I cried that night. My wee girl was starting school the next day and the whole event was over-shadowed by this potential catastrophe. The next day was hellish but I convinced myself that I didn’t have PD and life was fairly normal within a day or two.

The following Monday I had the MRI scan. The scanner doesn’t look alarming until you lie down and they put a mask on you. I could choose music to listen to; I chose REM as I didn’t want to associate anything I liked with this unpleasant device! I was in for about fifteen minutes. The consultant phoned the following Monday to confirm everything about the MRI scan was clear which ruled out tumours and MS.

Nothing much happened for a few weeks. My right arm got stiffer and more cramped. The tremor remained fairly minor. Wednesday 5 September 2007 was when I first really suspected PD. My arm was in poor shape and I wanted some answers. Unfortunately I looked for those answers on the internet.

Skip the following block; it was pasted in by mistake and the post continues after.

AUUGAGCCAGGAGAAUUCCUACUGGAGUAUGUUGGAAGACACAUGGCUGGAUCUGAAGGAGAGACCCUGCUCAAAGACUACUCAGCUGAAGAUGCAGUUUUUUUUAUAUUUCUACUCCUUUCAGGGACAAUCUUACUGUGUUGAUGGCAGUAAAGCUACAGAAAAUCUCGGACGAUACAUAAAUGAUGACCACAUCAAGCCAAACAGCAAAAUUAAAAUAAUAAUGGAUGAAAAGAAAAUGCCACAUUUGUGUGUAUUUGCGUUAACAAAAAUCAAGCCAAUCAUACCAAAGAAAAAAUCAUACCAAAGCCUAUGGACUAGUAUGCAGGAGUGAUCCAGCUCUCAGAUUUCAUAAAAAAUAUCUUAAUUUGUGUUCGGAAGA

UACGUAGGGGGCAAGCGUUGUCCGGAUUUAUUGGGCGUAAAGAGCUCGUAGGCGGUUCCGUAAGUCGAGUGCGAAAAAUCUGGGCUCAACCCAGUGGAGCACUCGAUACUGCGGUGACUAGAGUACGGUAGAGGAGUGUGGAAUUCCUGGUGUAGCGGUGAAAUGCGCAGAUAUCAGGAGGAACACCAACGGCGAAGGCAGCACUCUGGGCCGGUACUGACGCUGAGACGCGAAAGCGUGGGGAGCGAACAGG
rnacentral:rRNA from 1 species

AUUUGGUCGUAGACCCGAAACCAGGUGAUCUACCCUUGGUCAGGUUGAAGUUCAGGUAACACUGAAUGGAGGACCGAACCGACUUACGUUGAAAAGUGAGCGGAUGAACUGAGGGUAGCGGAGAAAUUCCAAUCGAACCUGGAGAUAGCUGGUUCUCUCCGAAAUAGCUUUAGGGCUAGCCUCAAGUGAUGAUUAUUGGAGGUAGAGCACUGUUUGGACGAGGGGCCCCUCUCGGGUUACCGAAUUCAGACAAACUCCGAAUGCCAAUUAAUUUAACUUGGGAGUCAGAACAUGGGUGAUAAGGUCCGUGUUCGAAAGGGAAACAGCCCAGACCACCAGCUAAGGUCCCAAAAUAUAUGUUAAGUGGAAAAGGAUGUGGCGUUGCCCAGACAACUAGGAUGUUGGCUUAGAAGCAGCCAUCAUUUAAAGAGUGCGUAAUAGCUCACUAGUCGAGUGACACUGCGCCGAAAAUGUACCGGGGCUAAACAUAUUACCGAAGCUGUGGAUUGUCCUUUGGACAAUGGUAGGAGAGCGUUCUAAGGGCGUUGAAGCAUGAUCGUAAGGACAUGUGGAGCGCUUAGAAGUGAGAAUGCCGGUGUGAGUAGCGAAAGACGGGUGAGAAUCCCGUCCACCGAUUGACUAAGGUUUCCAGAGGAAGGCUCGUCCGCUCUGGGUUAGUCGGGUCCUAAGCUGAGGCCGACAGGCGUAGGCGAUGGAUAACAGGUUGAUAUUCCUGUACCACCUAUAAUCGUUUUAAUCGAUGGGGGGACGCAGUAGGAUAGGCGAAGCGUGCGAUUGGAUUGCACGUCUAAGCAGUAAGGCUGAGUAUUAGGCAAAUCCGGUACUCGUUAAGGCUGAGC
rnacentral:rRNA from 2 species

The internet is, in general terms, a fantastic resource, however, it can be a bit too factual. Some of the medical resources read like the leaflet you get in a packet of tablets, entirely factually correct in that all the possible side effects are listed but not really representative of the reality of taking the drug. Wikipedia’s entry on PD is like that. Scared the shit out of me. There is no comfort to be found on that webpage.

I spoke to Dad and told him my fears. I think the realisation hit him that night too. Vic and I barely slept.